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OAS Works on Set of Rights for Indigenous People

The Organization of American States is working to create a set of rights for indigenous people throughout the hemisphere. OAS diplomats have been joined in Washington by indigenous leaders from throughout the Americas to discuss and debate the proposed document.

It is a sight not often seen in the conservatively-styled halls of the OAS building: scores of people in colorful traditional native outfits, many with ponytails and a few with feather headdresses, all mingling with diplomats clad in gray suits that looked positively drab by comparison.

Peruvian Ambassador Eduardo Ferrero Costa heads the working group for the proposed "American Declaration on the Rights of Indigenous Peoples." He said indigenous populations existed in the Americas before colonization, and have been subjected to some of the worst treatment in the history of the hemisphere. The ambassador said indigenous people need and deserve a set of rights that recognize the past, while looking toward a better future.

Mr. Ferrero Costa said, these are people with their own characteristics and who maintain their traditions and customs within the countries in which they live. The ambassador says they legitimately want their rights to be recognized in a special way, with regard to preserving their languages, customs and beliefs. Mr. Ferrero Costa says there is an international effort being made to protect the rights of indigenous people, just as other initiatives have focused on the rights of children, women and other groups.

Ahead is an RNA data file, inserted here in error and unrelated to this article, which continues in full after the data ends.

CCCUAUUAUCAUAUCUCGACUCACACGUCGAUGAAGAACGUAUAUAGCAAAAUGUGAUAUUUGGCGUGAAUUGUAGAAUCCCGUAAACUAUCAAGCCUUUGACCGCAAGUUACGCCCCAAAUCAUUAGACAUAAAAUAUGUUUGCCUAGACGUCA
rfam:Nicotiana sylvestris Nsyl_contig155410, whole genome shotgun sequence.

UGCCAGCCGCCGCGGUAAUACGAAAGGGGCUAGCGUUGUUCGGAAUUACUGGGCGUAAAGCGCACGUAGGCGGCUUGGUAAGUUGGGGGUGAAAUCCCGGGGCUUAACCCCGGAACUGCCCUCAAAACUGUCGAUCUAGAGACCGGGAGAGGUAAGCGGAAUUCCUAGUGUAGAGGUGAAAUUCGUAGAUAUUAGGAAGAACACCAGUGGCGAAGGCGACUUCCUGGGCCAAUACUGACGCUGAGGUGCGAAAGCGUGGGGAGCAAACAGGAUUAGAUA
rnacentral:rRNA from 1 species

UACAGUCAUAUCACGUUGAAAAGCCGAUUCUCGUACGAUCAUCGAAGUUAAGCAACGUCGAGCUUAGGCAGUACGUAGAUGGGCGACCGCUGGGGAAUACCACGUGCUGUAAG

The OAS is considering a set of rights for indigenous people originally proposed in 1997 by the Inter-American Commission on Human Rights. The draft calls for an ambitious set of goals, including eradicating poverty, preserving indigenous languages and cultures, protecting spiritual freedom, and establishing mechanisms of self-governance.

For Tomas Alarcon, a member of the Aymara indigenous ethnic group of the Andes, economic concerns are paramount. Mr. Alarcon said "we demand a solution to the problem of poverty," adding that indigenous people are the poorest of the poor in the Americas. He said one way to overcome this would be to ensure indigenous people are given rights over natural resources found in the regions where they live.

Others who journeyed to the OAS meeting say cultural affairs matter most. Kelly Curry belongs to the Iroquois Confederacy, comprised of six indigenous groups in the northeastern United States and parts of Canada. Ms. Curry said native people are not looking for special treatment.

She said they just want to preserve a traditional way of life. "I would not say [this is] about setting [indigenous people] apart. I think this is a recognition that there are still people that prefer not to live in the 'fast lane.' So, it is not that they want to be treated 'special' or differently, but they want to be left alone to practice the ways that feel right to them. And we need space in order to do that," she said.

Debate on the American Declaration on the Rights of Indigenous People is scheduled to continue through Wednesday.